Review: Bullfrog Jumped (Children's Folksongs from the Byron Arnold Collection) - Various Artists

BullfrogJumped.jpgIt's Alan Lomax for the kiddos.

Released last year by the Alabama Folklife Association and given a new release this upcoming Tuesday, Bullfrog Jumped is a collection of folksongs sung by mothers, grandmothers, and other women in the summer of 1947, when they were recorded on front porchaes and in kitchens by Byron Arnold, a Professor of Music at the University of Alabama. There are some standards -- "Frog Went A-Counrting" and "Skip To My Lou," for example -- but many of these folksongs were new to me, or at least the melody or lyrics were. There are, for example, three different versions of "All The Pretty Little Horses," none of which quite sound like the wistful lullaby has become more than 50 years later. "Skip To My Lou" has about 10 verses, only 3 or 4 of which I'd heard before.

There are some stellar voices on the disk. Vera Hall, whose recording of "Troubled So Hard" was sampled by Moby on Play (and who was definitely familiar to Alan Lomax), has a great song, "Little Lap Dog," here. The voice that made me snap to attention every time I heard it was that of 17-year-old Mozella Longmire, who has 4 tracks on the disk, including "Little Sally Walker" and "Two Little Gentlemen From the Spring." Sixty years later, Mrs. Longmire is still singing in the choir at Mt. Triumph Baptist Church, and it seems to me someone needs to record an album of her singing folksongs. I'd buy it.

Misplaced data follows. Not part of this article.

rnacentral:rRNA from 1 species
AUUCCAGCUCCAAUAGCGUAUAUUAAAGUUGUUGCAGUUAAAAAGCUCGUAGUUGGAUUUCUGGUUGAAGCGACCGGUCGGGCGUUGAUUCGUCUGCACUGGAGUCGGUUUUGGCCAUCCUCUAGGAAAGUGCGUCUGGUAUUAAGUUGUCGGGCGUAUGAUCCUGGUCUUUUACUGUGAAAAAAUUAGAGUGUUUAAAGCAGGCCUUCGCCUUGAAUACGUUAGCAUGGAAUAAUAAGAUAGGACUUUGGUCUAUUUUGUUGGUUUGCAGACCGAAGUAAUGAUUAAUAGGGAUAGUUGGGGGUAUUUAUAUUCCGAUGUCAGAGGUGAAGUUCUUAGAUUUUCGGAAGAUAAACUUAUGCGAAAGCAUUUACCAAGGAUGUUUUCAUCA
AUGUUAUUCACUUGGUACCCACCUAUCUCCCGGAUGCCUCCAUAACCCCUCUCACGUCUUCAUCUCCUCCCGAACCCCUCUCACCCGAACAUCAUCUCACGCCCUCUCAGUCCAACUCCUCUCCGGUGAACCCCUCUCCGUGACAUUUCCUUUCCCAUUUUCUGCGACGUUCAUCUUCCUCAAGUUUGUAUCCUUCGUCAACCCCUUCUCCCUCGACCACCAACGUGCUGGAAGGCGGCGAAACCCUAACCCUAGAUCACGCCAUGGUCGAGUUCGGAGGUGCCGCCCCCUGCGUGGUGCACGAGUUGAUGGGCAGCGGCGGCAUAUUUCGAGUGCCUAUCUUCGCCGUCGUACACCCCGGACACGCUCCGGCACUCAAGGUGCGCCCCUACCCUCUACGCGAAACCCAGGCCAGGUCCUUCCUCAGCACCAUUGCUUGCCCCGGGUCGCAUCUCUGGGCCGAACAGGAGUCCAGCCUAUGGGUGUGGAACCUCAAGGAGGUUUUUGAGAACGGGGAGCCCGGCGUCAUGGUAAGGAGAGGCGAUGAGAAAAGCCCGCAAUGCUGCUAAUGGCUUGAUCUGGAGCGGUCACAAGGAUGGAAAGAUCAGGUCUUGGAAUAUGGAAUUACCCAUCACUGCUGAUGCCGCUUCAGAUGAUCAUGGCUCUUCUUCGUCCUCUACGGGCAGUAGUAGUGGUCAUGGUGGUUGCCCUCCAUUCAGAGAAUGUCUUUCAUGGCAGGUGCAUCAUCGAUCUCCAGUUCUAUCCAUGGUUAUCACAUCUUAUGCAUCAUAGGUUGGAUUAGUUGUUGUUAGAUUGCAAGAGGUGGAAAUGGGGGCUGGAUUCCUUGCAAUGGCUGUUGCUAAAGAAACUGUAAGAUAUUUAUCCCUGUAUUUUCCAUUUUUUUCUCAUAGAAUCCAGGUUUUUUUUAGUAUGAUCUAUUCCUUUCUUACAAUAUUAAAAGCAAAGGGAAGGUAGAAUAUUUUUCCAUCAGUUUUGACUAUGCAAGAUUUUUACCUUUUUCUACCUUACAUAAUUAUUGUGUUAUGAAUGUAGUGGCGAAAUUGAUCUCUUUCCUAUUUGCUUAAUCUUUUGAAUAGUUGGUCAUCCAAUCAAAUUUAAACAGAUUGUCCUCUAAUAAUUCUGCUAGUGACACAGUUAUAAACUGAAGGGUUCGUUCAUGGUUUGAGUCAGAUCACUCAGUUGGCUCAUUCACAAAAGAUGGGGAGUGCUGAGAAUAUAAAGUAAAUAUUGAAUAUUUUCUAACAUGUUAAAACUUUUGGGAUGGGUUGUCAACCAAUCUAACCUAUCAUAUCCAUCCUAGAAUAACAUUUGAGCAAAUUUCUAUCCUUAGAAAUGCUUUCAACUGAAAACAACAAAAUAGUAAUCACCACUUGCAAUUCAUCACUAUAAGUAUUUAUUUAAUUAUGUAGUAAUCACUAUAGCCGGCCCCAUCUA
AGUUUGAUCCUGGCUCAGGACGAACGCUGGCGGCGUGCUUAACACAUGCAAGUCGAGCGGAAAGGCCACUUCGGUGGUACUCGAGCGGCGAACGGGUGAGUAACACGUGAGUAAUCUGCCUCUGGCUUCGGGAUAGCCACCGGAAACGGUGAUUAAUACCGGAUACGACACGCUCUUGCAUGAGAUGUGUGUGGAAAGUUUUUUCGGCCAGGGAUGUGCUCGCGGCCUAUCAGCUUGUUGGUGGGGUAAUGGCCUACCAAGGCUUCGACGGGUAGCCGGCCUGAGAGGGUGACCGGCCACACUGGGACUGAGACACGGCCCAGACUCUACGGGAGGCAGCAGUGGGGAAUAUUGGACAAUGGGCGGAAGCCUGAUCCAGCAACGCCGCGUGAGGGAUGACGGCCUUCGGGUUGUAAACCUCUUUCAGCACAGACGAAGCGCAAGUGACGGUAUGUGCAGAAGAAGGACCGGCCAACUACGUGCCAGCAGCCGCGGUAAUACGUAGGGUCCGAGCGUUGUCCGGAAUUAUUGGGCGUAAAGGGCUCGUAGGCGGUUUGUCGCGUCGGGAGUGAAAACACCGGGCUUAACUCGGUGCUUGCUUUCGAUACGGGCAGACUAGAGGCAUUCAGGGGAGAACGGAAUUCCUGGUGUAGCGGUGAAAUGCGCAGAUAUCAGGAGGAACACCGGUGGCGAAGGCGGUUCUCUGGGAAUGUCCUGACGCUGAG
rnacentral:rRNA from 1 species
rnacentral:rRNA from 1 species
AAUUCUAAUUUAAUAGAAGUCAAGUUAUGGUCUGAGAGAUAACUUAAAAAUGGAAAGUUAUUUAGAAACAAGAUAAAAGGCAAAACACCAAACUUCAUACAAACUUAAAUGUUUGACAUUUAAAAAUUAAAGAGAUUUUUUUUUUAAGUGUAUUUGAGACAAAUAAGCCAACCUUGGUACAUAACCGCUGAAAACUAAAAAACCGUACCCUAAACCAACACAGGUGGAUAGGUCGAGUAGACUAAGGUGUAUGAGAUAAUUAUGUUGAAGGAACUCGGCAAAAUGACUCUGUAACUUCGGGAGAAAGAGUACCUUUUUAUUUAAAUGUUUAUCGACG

The songs are most appropriate for kids ages 0 through 6. You can hear four tracks here, two more here, and samples of all the tracks here.

With 42 tracks in about 36 minutes, sometimes the snippets of songs are just to short to be of much listening interest heard straight through. The a cappella nature of the album can also become a bit repetitive for an entire disk. But as a sampler and recording of songs familiar and much less so, the recording (which sounds great for a recording 60 years old) and the liner notes (of Smithsonian Folkways quality), should be in every library and preschool.